- AmazonFresh has partnered with Allrecipes to let users add recipe ingredients to their online shopping carts, according to a release. Allrecipes has 80 million users and records 1.5 billion site visits per year.
- Users first select AmazonFresh as their preferred grocer, then can add ingredients from eligible recipes to their carts for one- or two-hour delivery. Allrecipes curates the brands that appear in each eligible recipe, but shoppers will have the option of making a different selection through the Fresh platform.
- At launch, the purchase function will only be available on Allrecipe’s most-trafficked recipes, according to the release. Over time, the companies will add buy capabilities to recipes across the site.
Shoppable recipes have become a key marketing strategy for AmazonFresh. In addition to its Allrecipes partnerships, last month Amazon partnered with Fexy Media, owner of Serious Eats and other food culture and recipe sites, to add buying and delivery through Prime Now. Then just this morning, recipe site EatLove, which develops weekly meal plans and recipes around consumer preferences and dietary restrictions, announced that it has inked a similar deal with AmazonFresh.
These moves will allow Amazon to interact with high-value shoppers on sites where food inspiration often strikes. The e-tailer, which is currently developing its own meal kits, wants to do more to tap into the demand that’s fueling sales at Hello Fresh, Plated and other players.
Amazon isn’t the first e-commerce company to pursue recipe integrations like this. Two years ago, Instacart partnered with Allrecipes to offer buying options on recipes across the site.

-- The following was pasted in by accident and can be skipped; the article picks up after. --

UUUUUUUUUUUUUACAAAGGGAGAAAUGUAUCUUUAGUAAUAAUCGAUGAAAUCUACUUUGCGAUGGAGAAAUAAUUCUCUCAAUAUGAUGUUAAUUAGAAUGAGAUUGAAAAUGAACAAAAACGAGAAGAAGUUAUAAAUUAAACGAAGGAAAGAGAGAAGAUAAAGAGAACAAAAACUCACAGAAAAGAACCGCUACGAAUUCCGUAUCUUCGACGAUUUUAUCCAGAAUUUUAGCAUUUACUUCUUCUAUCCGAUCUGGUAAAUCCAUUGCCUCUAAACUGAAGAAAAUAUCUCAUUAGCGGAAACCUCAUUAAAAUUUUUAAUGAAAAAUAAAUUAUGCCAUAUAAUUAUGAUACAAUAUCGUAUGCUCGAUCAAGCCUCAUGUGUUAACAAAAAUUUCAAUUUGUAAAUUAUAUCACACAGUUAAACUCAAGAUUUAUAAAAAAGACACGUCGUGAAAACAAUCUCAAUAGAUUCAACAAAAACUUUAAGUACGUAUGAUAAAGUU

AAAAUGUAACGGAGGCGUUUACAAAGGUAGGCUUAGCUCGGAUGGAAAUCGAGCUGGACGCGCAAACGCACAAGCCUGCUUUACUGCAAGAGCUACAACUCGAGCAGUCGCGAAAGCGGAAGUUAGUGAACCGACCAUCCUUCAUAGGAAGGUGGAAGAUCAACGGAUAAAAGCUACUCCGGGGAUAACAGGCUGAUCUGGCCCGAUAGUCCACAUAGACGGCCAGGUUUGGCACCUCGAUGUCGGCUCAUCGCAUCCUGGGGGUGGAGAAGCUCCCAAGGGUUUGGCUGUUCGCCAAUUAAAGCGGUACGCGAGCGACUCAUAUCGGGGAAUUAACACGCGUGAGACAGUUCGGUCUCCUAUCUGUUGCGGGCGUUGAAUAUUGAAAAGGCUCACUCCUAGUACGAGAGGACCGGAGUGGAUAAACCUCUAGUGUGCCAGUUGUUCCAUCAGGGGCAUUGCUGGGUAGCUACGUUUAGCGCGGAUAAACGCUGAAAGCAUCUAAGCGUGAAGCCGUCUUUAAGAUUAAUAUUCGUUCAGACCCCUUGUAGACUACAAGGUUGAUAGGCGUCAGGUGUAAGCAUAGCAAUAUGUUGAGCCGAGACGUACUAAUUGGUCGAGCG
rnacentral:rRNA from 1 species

Numerous other companies are narrowing the space between culinary content and the point of purchase. Harris Teeter launched a special recipe site this fall that customers can use to create custom shopping lists. The Dinner Daily, meanwhile, creates weekly dinner recipes for budget-conscious shoppers using their preferred grocery stores.
On the e-commerce side, Door to Door Organics recently launched a tool that suggests recipes based on the items shoppers have placed in their basket, while DinnerTime.com teamed up with Ahold Delhaize-owned Peapod to deliver the ingredients needed for its personalized meal plans.
Amazon’s deal may not be a homerun — at least not at first. The e-tailer recently reduced the number of markets where it will offer its Fresh service. Also, unlike meal kits, shoppable recipes require users to purchase the entire bottle, box or jar of each ingredient, even if all they want is a small amount. The potential for food waste and money left on the table could turn off some shoppers.
As AmazonFresh regroups and the e-tailer develops further online shopping tools through Whole Foods stores, though, the Allrecipes deal will give Amazon access to a stream of high-value customers